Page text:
Any concerns that channel partners may have had about fierce competition from used networking equipment resellers
were confirmed last week at Interop.
The United Network Equipment Dealer Association (UNEDA), an alliance of more than 300 used networking equipment resellers, set up shop on the Interop expo floor, receiving steady foot traffic from start to finish of the show.
In just 30 minutes of booth observation, at least five people requested business cards, and two were clearly potential leads. It's safe to say a number of neighboring vendors didn't have the same success.
But UNEDA didn't come to Interop solely seeking business leads.
"Coming to Interop was an experiment to see what the reaction would be," said Mike Sheldon, president and CEO of reseller Network Hardware Resale and current president of UNEDA. "We would like to combat the idea of the gray market."
The gray market refers to any alternative distribution channel where products have been intentionally removed from the authorized chain of distribution. Gray market resellers sell used products as new, or they sell counterfeit products as branded goods.
Yet many used equipment resellers sell legitimate goods. Some are even vendor authorized, but they still suffer the rap of the gray market. What's more, vendors like Cisco and major OEMs publicly warn customers away from these resellers, telling them the equipment could be faulty.
Used networking equipment market: Public Enemy No. 1:
So UNEDA is battling a bad public image and promoting best practices among members. The organization defines itself as a "safe trading space" of equipment among used resellers. It also fights against the sale of counterfeit products as a way to disprove the stereotypes.
"What do you do when your competitor sells your own product? You can't badmouth the product, so you badmouth the companies or you say their equipment won't work," Sheldon said of vendors' public attacks on used equipment resellers. "We're here to say we will be here in 20 years. Most of our members have been in business a decade or more, and we want to continue to stay in a good business." UNEDA leaders say they accept only a fraction of the group's applicants to avoid signing up shady members.
Still, companies like Cisco have reason to be wary. Last year, the FBI broke up a counterfeit distribution network, seizing more than $3 million in counterfeited Cisco components manufactured in China but meant for worldwide distribution. According to the FBI, the fake Cisco routers, switches and cards were sold to the U.S. Navy, U.S. Marine Corps, U.S. Air Force and the U.S. Federal Aviation Administration. Cisco did not return communications requesting comment about UNEDA.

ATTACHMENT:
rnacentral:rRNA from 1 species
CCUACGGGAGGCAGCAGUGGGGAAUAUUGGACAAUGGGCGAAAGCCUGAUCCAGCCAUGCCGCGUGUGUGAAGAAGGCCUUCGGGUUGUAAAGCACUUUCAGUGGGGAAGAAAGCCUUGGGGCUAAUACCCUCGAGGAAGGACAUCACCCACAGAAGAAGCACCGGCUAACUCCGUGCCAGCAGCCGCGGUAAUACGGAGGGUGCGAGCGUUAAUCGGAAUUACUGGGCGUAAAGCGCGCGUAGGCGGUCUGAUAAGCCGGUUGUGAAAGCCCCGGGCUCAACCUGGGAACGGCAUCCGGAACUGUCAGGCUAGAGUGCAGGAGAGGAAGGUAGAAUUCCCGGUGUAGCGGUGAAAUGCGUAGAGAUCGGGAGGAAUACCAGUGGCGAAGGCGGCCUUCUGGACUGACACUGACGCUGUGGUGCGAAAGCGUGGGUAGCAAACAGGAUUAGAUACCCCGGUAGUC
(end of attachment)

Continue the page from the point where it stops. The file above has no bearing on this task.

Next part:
Used networking equipment resellers posing competitive threats
But Cisco may be even more concerned about losing sales dollars to used goods competitors. Cisco partners have seen increased competition from used resellers since the start of the recession.
"We are coming up against used equipment. It's just the environment; everybody is looking for cheaper prices on everything," said Mont Phelps, president and CEO of NWN Corp., a Waltham, Mass.-based solution provider.
"Some of the stuff appears to be new and is at prices that are unbelievably low, but we don't know where it came from or what problems there may be," Phelps added.
Battling it out in the SMB market and beyond
In terms of competition, Phelps said used equipment resellers are more of a challenge in the small and medium-sized business (SMB) market, where companies don't rely so much on high-performance equipment.
"The more sophisticated buyers won't buy down unless they are already committed to a system that has a bunch of particular items and they want more of the same [older components]," Phelps said. "But in the SMB world, they don't need the performance, they need the lower prices."
According to UNEDA's 2009 membership survey, the majority of members do serve SMBs, but the number of respondents selling into larger companies has grown significantly since 2007. Sixty-three percent said they serve global organizations with worldwide presence. That number is up 13% from 2007. Survey results showed that 78% of members serve SMBs with fewer than 100 members, and 72% serve companies with fewer than 1,000 employees.
What's more, the size of used equipment resellers is growing. One quarter of the members reported revenues ranging from $6 million to $25 million, while another 10.6% reported revenues of $26 million to $75 million. The largest group has doubled since 2007.
"We're finding a lot of past potential customers are now contacting us and asking us for a quote. Now they are considering us, whereas beforehand they were too good. Our business is way up," said Hal Stevens, vice president of Maxis Technologies, an Oklahoma City-based reseller that sells both used and new equipment. In fact, he added, Maxis has seen double-digit growth over the past year.
Ultimately, the image of used resellers will have to improve, and the differentiation between resellers and those doing shady business in the gray market will become starker. As that happens, Stevens said, the vendors and OEMs will have to back down.